A phase II study of sabarubicin (MEN-10755) as second line therapy in patients with locally advanced or metastatic platinum/taxane resistant ovarian cancer

Francesco Caponigro, Pax Willemse, Roberto Sorio, Anne Floquet, Simon Van Belle, Jan Demol, Rosa Tambaro, Alessandro Comandini, Angela Capriati, Sabine Adank, Jantien Wanders

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Background: Sabarubicin (MEN-10755) is a third generation anthracycline, with a remarkable antitumor activity in human tumor xenografts, including doxorubicin-resistant tumors. Phase I studies have shown that myelosuppression is the main toxicity of sabarubicin, while its cumulative cardiotoxicity is mild. Methods: The aim of the study was to evaluate the activity and safety profile of sabarubicin in patients with locally advanced or metastatic ovarian cancer failing 1st line platinum and/or taxane based chemotherapy, and relapsing earlier than 6 months after the last chemotherapy. Eligible patients received sabarubicin at the dose of 80 mg/m 2 (dose level 0) every 3 weeks over 30 minutes. Dose was to be escalated to 90 mg/m 2 (dose level +1) after the 1st cycle in case of grade 0-1 toxicity, while it was to be reduced to 60 mg/m 2 (dose level -1) in case of toxicity. Response was assessed every 2 courses according to WHO criteria. Toxicity was graded according to Common Toxicity Criteria version 2.0. Gehan's design was used for sample size determination. Results: Nineteen patients were enrolled and received 65 courses. One patient had a confirmed partial response, 9 patients had stable disease, 5 patients had disease progression, 3 patients were not evaluable for response, while one patient had an early progressive disease. The duration of response was 88 days. Mean time to disease progression was 125 days (range 56-188). Median survival was 62 days (range 36-202). Hematologic toxicity was moderate, since grade 3-4 neutropenia was observed in 25 out of 52 courses at 80 mg/m 2, and grade 4 neutropenia occurred in one out of 12 courses at 90 mg/m 2. Other grade 3-4 toxicities were: fatigue (five cases), nausea (two cases), stomatitis, general health deterioration, anorexia, vomiting, abdominal pain, hyponatremia (one case each). Cardiac toxicity was observed in the study; in fact, left ventricular ejection fraction (LVEF) fell below 50% in 2 patients, and 3 patients had a >15% decrease of LVEF from baseline, but there were no signs/symptoms of congestive heart failure. Conclusions: Sabarubicin showed limited activity in patients with resistant ovarian cancer. However, the observed data on disease stabilization, together with the drug's overall manageable toxicity profile, may prompt to its further investigation in advanced ovarian cancer.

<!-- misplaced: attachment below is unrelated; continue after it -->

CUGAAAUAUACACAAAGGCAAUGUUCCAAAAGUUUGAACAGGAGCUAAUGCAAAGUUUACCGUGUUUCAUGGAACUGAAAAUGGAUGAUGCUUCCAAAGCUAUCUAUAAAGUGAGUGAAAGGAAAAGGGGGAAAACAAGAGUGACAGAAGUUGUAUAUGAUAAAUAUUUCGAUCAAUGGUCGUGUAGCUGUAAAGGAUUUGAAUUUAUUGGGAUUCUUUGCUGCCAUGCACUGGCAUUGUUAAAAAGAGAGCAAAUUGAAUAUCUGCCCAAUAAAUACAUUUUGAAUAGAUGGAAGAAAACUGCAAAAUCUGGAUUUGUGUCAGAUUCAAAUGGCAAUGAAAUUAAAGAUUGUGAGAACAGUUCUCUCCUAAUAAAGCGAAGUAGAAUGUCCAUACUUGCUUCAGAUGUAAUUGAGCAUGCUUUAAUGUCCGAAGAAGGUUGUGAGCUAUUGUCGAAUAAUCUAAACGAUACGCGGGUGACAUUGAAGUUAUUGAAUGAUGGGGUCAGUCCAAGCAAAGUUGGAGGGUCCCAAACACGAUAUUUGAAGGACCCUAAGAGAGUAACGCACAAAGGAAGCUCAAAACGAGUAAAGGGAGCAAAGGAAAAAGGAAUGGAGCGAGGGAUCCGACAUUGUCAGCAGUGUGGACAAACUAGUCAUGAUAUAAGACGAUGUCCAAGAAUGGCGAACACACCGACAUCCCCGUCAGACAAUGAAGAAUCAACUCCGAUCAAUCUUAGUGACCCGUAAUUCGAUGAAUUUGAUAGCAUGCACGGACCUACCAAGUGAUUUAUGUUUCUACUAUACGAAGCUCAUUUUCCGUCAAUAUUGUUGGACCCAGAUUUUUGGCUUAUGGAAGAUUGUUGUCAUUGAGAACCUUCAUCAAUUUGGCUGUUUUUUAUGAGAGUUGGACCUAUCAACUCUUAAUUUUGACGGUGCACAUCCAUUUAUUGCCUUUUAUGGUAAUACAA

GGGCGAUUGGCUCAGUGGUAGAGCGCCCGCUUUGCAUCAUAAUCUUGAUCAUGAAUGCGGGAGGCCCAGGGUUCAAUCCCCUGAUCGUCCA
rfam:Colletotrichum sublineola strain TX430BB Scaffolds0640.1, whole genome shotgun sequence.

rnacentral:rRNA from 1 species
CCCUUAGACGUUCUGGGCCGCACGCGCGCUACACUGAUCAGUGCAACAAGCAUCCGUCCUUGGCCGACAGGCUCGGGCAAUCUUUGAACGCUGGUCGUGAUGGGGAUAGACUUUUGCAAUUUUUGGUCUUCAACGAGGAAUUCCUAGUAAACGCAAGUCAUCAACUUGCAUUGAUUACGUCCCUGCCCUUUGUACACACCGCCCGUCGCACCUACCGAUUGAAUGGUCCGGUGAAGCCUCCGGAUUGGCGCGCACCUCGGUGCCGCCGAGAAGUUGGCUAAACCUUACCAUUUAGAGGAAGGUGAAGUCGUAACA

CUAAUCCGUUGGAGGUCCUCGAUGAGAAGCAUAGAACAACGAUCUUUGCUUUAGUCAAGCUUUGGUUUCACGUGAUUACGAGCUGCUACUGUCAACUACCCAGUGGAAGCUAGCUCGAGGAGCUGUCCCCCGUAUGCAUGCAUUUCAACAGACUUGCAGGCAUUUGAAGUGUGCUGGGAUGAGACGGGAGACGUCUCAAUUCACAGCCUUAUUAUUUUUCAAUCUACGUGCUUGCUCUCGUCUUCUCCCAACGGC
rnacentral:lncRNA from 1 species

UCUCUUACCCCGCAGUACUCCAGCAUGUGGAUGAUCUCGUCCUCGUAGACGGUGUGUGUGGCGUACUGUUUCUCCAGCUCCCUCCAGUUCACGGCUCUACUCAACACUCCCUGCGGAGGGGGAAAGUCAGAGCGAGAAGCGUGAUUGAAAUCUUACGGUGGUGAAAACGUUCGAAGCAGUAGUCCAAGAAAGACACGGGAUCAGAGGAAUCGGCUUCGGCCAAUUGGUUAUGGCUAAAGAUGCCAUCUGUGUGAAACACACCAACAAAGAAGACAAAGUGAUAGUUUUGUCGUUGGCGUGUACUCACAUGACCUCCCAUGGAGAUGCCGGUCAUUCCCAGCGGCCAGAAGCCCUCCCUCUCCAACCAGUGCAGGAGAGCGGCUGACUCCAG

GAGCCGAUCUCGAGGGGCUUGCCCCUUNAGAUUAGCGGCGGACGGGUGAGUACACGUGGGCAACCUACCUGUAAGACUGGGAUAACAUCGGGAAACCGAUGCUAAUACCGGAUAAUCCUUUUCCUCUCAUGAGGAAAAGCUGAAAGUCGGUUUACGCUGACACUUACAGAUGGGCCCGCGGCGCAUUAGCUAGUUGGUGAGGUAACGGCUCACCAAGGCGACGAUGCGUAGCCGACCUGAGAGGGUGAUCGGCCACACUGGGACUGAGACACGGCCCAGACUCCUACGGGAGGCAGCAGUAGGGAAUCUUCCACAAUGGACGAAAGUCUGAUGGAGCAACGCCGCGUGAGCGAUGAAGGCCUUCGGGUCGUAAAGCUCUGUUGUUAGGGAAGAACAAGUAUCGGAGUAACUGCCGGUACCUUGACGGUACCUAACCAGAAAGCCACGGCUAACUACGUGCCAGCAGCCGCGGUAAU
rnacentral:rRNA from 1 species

Original languageEnglish
Pages (from-to)85-89
Number of pages5
JournalInvestigational New Drugs
Issue number1
Publication statusPublished - Jan 2005


  • anthracycline
  • ovarian cancer
  • sabarubicin

ASJC Scopus subject areas

  • Molecular Medicine
  • Pharmacology


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